We had quite a few hands on experiences in school this week… so I thought I would share about them here… plus it’s been quite a while since I’ve done a week in review.
All of these activities were taken from Adventures in My Father’s World…
First of all, in history, we talked about Eli Whitney and the cotton gin. To realize the importance of the cotton gin, we “made cotton”
Step One: take a cotton ball and spread it out so it is more flat than round. Squiggle around some liquid glue and sprinkle little green pieces of paper (seeds) onto it. When the glue has dried, ball the cotton back up.
Picking Out the Cotton Seeds
When the glue has dried, have your child pick out the little green seeds. Let them know that it is important to save the cotton and only remove the seeds.
Introduce the cotton gin. In the book we read about Eli Whitney, the cotton gin was described as having teeth like a comb. I gave the kids a comb to remove the seeds and let them tell me the difference in doing it by hand and using the comb. We worked on descriptive words. And… by the way… this kept the kids entertained for almost an hour!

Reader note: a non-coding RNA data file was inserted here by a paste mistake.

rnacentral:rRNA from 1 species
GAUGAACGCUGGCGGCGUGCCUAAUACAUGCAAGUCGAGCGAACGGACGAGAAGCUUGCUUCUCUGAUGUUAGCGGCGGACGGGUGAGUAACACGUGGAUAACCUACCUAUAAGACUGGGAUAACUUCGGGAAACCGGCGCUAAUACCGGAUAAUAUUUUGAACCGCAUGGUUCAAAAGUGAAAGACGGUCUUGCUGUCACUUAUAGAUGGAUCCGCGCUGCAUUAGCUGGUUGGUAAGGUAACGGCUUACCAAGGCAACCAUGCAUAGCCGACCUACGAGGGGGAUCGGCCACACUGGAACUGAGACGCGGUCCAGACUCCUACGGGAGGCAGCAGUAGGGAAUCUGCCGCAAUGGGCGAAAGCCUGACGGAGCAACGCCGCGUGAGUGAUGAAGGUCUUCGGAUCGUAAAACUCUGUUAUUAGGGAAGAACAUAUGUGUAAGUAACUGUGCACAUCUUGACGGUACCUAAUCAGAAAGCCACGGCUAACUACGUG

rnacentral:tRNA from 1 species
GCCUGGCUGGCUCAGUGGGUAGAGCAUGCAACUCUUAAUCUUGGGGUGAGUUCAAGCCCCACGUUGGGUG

We also have been reading about the pioneers moving west. This week, we read a story about a family who traveled down the Ohio River and met Johnny Appleseed on the way. We talked about food preservation and how the pioneers didn’t have refrigerators or coolers. To emphasize this point, I pulled out the dehydrator I bought at a yard sale a few years back and we dried some apples.
As we sampled the dehydrated apples, we talked about how they were the same and different has “real” apples. The kids were not big fans of the dried ones… that’s okay though… just means more for me!
In science this week, we began talking about living things. In the Usborne First Enclyclopedia of Science, we looked at cells. It was a very brief and simple introduction to a subject I am sure we will spend more time on later.
After reading about cells, we made a very simple model using jello, beans and a grape.
Start with Jello
Make the jello according to the directions and then place in a plastic baggie. Put it into the fridge to let it set for a couple of hours.
After the jello has set, squish in a grape for the nucleus and some beans for the organelles (cell parts). The baggie represents the cell wall or membrane.
Throw in some math and spelling and there you have it… our homeschool week!